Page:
• Caffeine

  • CNS depressants

  • Contraceptives

  • Cytochrome P540 Substrates


Melatonin may have a slight blood thinning effect so it may be additive with anticoagulants (2,7) and as a hypnotic, be additive with CNS depressants (7,10) while possibly reducing the effectiveness of anticonvulsants via similar hepatic clearance pathways (11).


Rather than avoiding melatonin supplementation, it is recommended that healthcare professionals check for interactions, use a low dose of melatonin (<1 mg per day at bedtime) when applicable, and routinely monitor the patient, including labs, when necessary.


Safety During Pregnancy and Lactation

Melatonin’s use in pregnancy and lactation has been less studied, though research is emerging for this population. Some clinical trials report safety and no adverse effects with doses of 8-30 mg per day. These are levels higher than standard physiological doses typically recommended, especially for sleep concerns, which are commonly reported in pregnant women (12).


Historically, it was contraindicated in pregnancy because of the role melatonin has in uterine contractions; however, more recent literature suggests many positive aspects of melatonin, likely due to its antioxidant and anti-inflammatory properties. Some benefits include reducing preeclampsia risk, hyperglycemia, uterine growth retardation, and neonatal complications (12,13).


Less data is available on lactation, though based on current data, melatonin is reported to be safe during lactation. Despite that fact, clinical caution should be exercised (12).


At present, melatonin use during pregnancy and lactation is “probably safe” (12). Based on the current data, the low physiological dose for the shortest duration of time in this population can be considered, with careful monitoring of the patient. Pharmacological doses should be avoided due to the potential for uterine contractions.


Safety in the Older Population

The safety of melatonin in older adults (>65 years old) for sleep disorders has been explored. Based on current literature, melatonin is considered a safe therapy for the older population, with additional care taken for medication interactions and regular patient monitoring especially when other health conditions are present (7). 


More details on the literature available for this population can be explored in our Latest Publications.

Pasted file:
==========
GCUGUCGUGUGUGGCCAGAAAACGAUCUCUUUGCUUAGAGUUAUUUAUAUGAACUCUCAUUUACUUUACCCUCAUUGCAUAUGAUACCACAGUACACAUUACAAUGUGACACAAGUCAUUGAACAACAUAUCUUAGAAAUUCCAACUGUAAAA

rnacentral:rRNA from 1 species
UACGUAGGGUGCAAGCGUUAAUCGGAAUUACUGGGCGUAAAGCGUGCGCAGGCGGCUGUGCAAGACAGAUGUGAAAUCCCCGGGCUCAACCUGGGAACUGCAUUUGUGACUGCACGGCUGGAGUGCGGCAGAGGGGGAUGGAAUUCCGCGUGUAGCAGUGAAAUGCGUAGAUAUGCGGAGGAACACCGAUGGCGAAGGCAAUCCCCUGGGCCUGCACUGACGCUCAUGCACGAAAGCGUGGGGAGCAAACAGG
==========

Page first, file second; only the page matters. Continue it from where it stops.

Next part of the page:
Safety in the Pediatric Population

In this special population studies (14) show melatonin is safe for short-term use, and the Natural Medicines Database lists pediatric use of melatonin as ‘possibly safe’, due to lack of long-term studies, inconsistent dosing used, and most importantly, due to its limited use for select medical conditions (2). Melatonin is not suggested as a first line of therapy for sleep in the pediatric population. Most studies focus on short-term, low-dose use for pediatrics, with a maximum dose of 3 mg for children and 5 mg for adolescents for select medical conditions (15). In a literature review conducted in 2020, multiple studies on long-term use (up to 2 years) in children and adolescents showed safety (14). 


There is a very low side effect profile in pediatric populations, similar to adults, though occasional increased nighttime enuresis and morning grogginess have been reported that resolve with adjusted dosing. In rare instances, reports of headache, dizziness, and diarrhea have been reported with use and resolved upon discontinuation. One safety hesitation in children is due to the findings of three small, observational studies showing that melatonin supplementation may delay pubertal onset by downregulating the pituitary-gonadal axis. However, these studies had incomplete follow-up and poor measures of pubertal onset that have not been repeated subsequently (16). Among the studies that refute this point is a longer-term study showing no pubertal delay and safety in use at an average of 2.69 mg daily for three years (17).